Friday, 29 April 2011

The Other Project

Last weekend I was back home to celebrate my Brother's birthday. We had chance to trial the rules for the other main project of the moment - 10mm scale WWII. The theory is that dropping rhe scale means more transportable and a smaller board so easier to play across a dining table. I was initially sceptical as I don't get as much joy out of painting smaller scales, but it does mean we can both get a sizable game with few cute-looking tanks onto a smaller table.

For rules we're using Baptism of Fire 1, which we once tried out with 20mm models. Despite a very badly structured rulebook, we did quite enjoy the rules after a few games getting them straight in our heads. It plays heavily on morale and can be quite brutal, but seems quite realistic. We plan to stock with it for now.

Been off this week and will be until Tuesday, using a little holiday to supplement all these Bank Holidays in the UK. So since returning home I've been applying paint to Tommies as well as some fortifications to keep them safe. I'll post some pics when I've done a small force. The deadline is 21st May for a fully-painted platoon, support and terrain for a few games.

Thursday, 14 April 2011

Monster painting session

Phew, manage most of the evening painting, trying to push through and finish the 42nd Black Watch I've had on the workbench for a couple of months. I'm within touching distance of finishing them, probably tomorrow.

I reckon they take 20-30 hours per batch, this one of only 6 models. Highlanders are at the upper end because of the free-hand detail on the socks, kilt and bonnet. I paint with a very neat style, I've tried to step away from this at times but rarely been happy with the results. Unfortunately I'm actually quite messy, so need to do a lot of tidying and correcting mistakes. Still, these Highlanders are arguably my best work to date and I'm pretty chuffed with nearly a full unit finished - will be a while before I itch to do more!

British 95th Rifles on patrol

The first Napoleonic unit I finished was, of course, some 95th Rifles. I think the reason I've kept at the Naps was a childhood of watching Sharpe. So, probably like most British players, when I sat down to paint I started with the Rifles. Here they are patrolling a Peninsula road:

Perry Plastics with metal command. I've six more plastics already prepped, half of them converted to add variety. I'm sure I'll finish these up soon: they take about half the time to paint compared to Redcoats!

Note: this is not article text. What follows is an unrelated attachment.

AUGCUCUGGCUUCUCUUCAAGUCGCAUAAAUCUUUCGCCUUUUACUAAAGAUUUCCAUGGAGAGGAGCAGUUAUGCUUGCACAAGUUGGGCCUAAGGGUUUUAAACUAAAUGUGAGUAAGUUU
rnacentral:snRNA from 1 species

Terrain-wise, at the back is an Architects of War hedgerow - a novel way of basing trees and for an all-inclusive kit I thought it was well-priced. The road is from Terrain Warehouse, I was much less happy was these, they are quite wide and deep and I felt they needed quite a bit of tidying up to make presentable. But it is pretty solid, and well priced at £30 (in postage) for 6 foot of road with various curves and junctions. Finally, at the front is some carved up coir matting as a wheatfield, a trick I picked up from one of the blogs I follow.

Sunday, 10 April 2011

Delayed, but finally!

Well, I've been a poor blogger. It's a week since my last post and I've still not posted the pics of the Light Dragoons I mentioned many weeks ago. In the meantime, I've had my first visitors (welcome!). To make amends, after enjoying the lovely weather this afternoon I set up a board and some terrain backdrops to photograph my 28mm Naps, which I intend to post up over the coming week. 

So, first up, the 1st Kings' German Legion Light Dragoons 9th Light Dragoons:

With limited reference material, I had to be a bit imaginative on the command's uniforms, so they may be inaccurate. Even more so, we've been collecting Peninsular forces and these Perrys are intended for the Waterloo campaign. However, I disregarded this, mostly because I prefer the shakos to tarletons and the range of poses is superior from Perry compared to say Front Rank. In my defence, I'm not too fussy about getting everything exact, after all, I'm out to have fun and enjoy painting and gaming, rather than fret over uniform details. After taking this shot, I also noticed a slightly bent sword in the second rank, frustrating!

Oh, the buildings and walls are from Hovels. I highly recommend this UK-based company, they sell a number of ranges and although perhaps not as fine as other manufacturuers, they are solid pieces, very reasonably priced with excellent service.

Sunday, 3 April 2011

C&C final turn

To follow up, one turn before our opponents conceded defeat.

A run of three cards allowed us to smash the centre, spearheaded by the elite Guard Grenadiers. At this point, we were 5-1 up on VPs and the French withdrew in some disarray. To be fair, the dice gods were in our favour, allowing the bold central move to come off. The left fared worse, you can just see French Hussars harrying our flank.

I recommend C&C, if you accept it is slightly abstracted version of Naps, which is fine by me! I prefer it to Memoir, partly for being much more colourful.

Commands and Colours

Over the weekend I got a game of this Napoleonic board game I'd heard good things about. Thoroughly enjoyed it, the game played out in under 2 hours including setup. We played in pairs, a novice and someone who had played before. I think we had the advantage as I am a fan of Memoir 44, which C&C is a more detailed version of.

The initial setup, my Brits and Portuguese face the French rearguard holding the central hill.